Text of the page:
Mistake: Many VCs do not like to introduce other managers to their LPs as they view it as competition. This is moronic. If the manager asking for the intro is really good, they will raise their fund with or without your intro. If they are not good, then you can politely say it would not be a fit for your LP and move on. Do not be too protective of your LPs from other managers.
MISTAKE: LPs invest in lines, not dots. Especially for institutional LPs, it is rare that an institution will meet you and invest in you without an existing relationship and without having followed your work before. A mistake many make is they go to large institutions and expect them to write a check for this fund, it will likely be at best for the fund after this one or most likely the third fund. This does not mean you should not go to them with your first fund but you should not prioritize them and you should not expect them to commit. I would instead go in with the mindset of we are not going to get an investment here, so I want to leave the room understanding what they need to see me do with this first fund, to invest in the next fund. The more detailed you can get them to be the more you can hold them to account for when you come back to them for Fund II.
Example: If they say, we want to see you are able to price and lead seed rounds and we are not sure you can right now. Great. Now when you come back to them in 12 months' time, you can prioritize the fact that you have led 80% of the rounds you invested in, and their core concern there has been de-risked.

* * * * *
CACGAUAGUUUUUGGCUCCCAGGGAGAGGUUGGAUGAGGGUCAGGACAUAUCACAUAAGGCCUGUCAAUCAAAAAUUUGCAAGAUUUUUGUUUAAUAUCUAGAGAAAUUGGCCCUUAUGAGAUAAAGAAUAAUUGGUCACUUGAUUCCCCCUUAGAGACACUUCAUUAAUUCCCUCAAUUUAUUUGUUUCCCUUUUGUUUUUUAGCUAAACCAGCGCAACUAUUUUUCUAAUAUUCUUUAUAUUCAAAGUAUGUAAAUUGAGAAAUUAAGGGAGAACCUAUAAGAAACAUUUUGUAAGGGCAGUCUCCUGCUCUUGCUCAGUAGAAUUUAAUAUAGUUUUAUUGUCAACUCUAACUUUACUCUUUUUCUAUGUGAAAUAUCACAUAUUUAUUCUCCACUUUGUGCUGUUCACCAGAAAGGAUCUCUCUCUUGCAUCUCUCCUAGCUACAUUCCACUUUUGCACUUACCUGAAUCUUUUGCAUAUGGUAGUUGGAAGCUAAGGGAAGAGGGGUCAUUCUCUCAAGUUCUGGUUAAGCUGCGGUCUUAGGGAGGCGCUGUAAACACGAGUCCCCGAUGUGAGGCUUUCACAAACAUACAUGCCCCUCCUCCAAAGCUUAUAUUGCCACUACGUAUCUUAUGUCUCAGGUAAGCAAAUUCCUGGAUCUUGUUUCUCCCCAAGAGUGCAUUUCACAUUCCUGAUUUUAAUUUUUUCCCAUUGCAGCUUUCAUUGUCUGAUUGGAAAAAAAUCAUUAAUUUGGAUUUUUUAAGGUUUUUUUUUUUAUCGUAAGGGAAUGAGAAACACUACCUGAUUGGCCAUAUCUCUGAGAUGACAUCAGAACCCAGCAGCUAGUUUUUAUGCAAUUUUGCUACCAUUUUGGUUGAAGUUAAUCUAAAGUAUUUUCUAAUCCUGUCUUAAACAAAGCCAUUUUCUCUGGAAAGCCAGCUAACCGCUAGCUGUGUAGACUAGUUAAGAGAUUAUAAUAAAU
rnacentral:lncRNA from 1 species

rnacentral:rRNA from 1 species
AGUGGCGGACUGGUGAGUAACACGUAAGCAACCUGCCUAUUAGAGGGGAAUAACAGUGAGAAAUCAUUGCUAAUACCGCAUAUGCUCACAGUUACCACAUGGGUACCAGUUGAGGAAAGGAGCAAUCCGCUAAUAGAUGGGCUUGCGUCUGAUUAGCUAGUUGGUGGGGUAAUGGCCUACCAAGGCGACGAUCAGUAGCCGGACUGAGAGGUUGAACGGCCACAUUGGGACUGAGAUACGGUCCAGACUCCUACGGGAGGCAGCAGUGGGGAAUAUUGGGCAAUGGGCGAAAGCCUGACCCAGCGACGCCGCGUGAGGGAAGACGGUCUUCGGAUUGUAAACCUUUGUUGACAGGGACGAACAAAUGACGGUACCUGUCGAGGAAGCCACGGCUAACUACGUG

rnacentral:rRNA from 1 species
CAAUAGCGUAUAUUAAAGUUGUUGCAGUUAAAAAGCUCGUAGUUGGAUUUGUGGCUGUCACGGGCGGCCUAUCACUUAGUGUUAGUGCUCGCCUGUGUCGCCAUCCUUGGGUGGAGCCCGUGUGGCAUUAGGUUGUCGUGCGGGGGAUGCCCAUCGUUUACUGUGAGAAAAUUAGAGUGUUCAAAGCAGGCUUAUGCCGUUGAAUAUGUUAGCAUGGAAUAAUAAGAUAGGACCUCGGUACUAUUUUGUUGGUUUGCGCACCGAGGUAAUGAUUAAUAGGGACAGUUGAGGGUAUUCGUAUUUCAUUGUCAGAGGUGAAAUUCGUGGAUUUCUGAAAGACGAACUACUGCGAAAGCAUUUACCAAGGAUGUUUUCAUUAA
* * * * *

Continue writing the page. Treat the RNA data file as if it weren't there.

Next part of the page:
In terms of how I think about LP relationship building, I always meet 2 new LPs every week. I ensure with every quarter, I have a check-in with them and ensure they have our quarterly update. This allows them to follow your progress, learn how you like to invest, and communicate with your LPs. It also really serves to build trust. Doing this not in a fundraising process also removes the power imbalance that is inherent within a fundraise and allows a much more natural relationship to be created.
Henry Schuck is the Founder and CEO @ ZoomInfo. From ZoomInfo's founding moment, putting $25,000 on a credit card, Henry has led the company to today, with over $1BN in ARR, a market cap of over $10BN, and a team of over 3,600. This is one of the untold but truly great stories in software.
1. From a $5,000 College Fund to Founding a $10BN Company:
2. Henry Schuck: The Leader:
3. Henry Schuck: A Leader in a Changing Market:
4. Henry Schuck: Relationship to Money and Fatherhood:
Jason Fried the Co-Founder and CEO at 37signals, makers of Basecamp and HEY. Over an incredible 21-year journey, Jason and his co-founder David have scaled Basecamp to become the communication tool trusted by millions. Jason is also the co-author of the widely acclaimed, ReWork and has also made several angel investments in the likes of Intercom, Gumroad and Hodinkee to name a few.
1. From Web Design Agency to Founding Basecamp:
2. Jason Fried: The Leader:
3. Jason Fried: The Politicisation of Leadership:
4. Jason Fried: Building the Best Team:
5. Jason Fried: The Partner, Father, and Husband: